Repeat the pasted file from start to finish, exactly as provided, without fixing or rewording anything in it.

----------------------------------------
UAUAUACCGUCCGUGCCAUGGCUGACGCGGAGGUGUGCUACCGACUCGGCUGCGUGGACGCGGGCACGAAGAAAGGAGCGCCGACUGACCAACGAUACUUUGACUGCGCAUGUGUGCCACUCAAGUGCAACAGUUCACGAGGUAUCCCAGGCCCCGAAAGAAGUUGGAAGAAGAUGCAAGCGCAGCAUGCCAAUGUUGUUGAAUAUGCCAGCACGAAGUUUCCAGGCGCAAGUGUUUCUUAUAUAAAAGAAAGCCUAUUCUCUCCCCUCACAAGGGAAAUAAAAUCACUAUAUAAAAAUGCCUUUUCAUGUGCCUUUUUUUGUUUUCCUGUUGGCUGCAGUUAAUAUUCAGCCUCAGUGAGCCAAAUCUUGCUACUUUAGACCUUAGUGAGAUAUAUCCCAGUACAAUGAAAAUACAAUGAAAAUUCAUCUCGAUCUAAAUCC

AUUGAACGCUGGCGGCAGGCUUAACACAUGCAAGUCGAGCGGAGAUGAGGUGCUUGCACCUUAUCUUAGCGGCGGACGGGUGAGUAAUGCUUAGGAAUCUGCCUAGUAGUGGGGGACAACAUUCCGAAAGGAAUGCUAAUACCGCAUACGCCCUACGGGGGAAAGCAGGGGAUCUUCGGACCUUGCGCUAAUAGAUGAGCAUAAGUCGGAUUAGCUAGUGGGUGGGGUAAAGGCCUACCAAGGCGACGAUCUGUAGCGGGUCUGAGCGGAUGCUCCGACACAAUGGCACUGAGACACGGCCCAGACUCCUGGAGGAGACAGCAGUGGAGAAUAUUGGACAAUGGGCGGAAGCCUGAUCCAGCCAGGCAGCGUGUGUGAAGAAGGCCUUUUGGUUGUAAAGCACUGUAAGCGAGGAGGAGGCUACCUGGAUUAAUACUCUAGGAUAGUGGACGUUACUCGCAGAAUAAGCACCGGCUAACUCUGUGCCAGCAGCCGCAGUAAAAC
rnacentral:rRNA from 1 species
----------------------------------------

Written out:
UAUAUACCGUCCGUGCCAUGGCUGACGCGGAGGUGUGCUACCGACUCGGCUGCGUGGACGCGGGCACGAAGAAAGGAGCGCCGACUGACCAACGAUACUUUGACUGCGCAUGUGUGCCACUCAAGUGCAACAGUUCACGAGGUAUCCCAGGCCCCGAAAGAAGUUGGAAGAAGAUGCAAGCGCAGCAUGCCAAUGUUGUUGAAUAUGCCAGCACGAAGUUUCCAGGCGCAAGUGUUUCUUAUAUAAAAGAAAGCCUAUUCUCUCCCCUCACAAGGGAAAUAAAAUCACUAUAUAAAAAUGCCUUUUCAUGUGCCUUUUUUUGUUUUCCUGUUGGCUGCAGUUAAUAUUCAGCCUCAGUGAGCCAAAUCUUGCUACUUUAGACCUUAGUGAGAUAUAUCCCAGUACAAUGAAAAUACAAUGAAAAUUCAUCUCGAUCUAAAUCC

AUUGAACGCUGGCGGCAGGCUUAACACAUGCAAGUCGAGCGGAGAUGAGGUGCUUGCACCUUAUCUUAGCGGCGGACGGGUGAGUAAUGCUUAGGAAUCUGCCUAGUAGUGGGGGACAACAUUCCGAAAGGAAUGCUAAUACCGCAUACGCCCUACGGGGGAAAGCAGGGGAUCUUCGGACCUUGCGCUAAUAGAUGAGCAUAAGUCGGAUUAGCUAGUGGGUGGGGUAAAGGCCUACCAAGGCGACGAUCUGUAGCGGGUCUGAGCGGAUGCUCCGACACAAUGGCACUGAGACACGGCCCAGACUCCUGGAGGAGACAGCAGUGGAGAAUAUUGGACAAUGGGCGGAAGCCUGAUCCAGCCAGGCAGCGUGUGUGAAGAAGGCCUUUUGGUUGUAAAGCACUGUAAGCGAGGAGGAGGCUACCUGGAUUAAUACUCUAGGAUAGUGGACGUUACUCGCAGAAUAAGCACCGGCUAACUCUGUGCCAGCAGCCGCAGUAAAAC
rnacentral:rRNA from 1 species